Recently, I listened as our granddaughter groaned about the many school assignments she currently has to complete. Her life is so full—she is an excellent dancer, with classes and performances consuming many of her spare hours. Right now, she cannot even think much past these school years, with all those assignments and tests. Yet soon they will be over. And soon those university years will be over too. Soon, she will be a young woman, finding her own way in the world.

Will both my husband and I still be around to see her life unfold? I hope so, with all my heart. Yet none of us knows how long we have on this earth—not even our fifteen-year-old granddaughter. We often think we have years ahead of us, but nothing in this world is truly certain, as James warns us:

Now listen you who say, “Today or tomorrow we will go to this or that city, spend a year there, carry on business and make money.” Why you do not even know what will happen tomorrow. What is your life? You are a mist that appears for a little while and then vanishes. James 4:13-14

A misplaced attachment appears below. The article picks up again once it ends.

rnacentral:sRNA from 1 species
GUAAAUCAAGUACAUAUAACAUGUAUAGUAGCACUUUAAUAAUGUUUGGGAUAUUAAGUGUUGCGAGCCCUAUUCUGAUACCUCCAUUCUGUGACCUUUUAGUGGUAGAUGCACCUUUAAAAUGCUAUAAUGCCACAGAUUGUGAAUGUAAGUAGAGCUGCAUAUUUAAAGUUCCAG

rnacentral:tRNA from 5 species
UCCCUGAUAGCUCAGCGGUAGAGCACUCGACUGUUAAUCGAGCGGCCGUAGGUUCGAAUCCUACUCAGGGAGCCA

Even if we all live into our nineties, that is such a very, very short time, isn’t it, when compared to eternity? Of course we have to plan and ‘carry on business’ in life, but how easily we can take our eyes off God and allow things that don’t matter in the end to consume us!

When I am about to vanish like that mist, I don’t want to find myself saying, ‘Where has the time gone? How did that happen? I know there were things God had for me to do, yet I chose not to do them.’ Instead, I want to use those God-given gifts each day as best I can—and I hope you do too.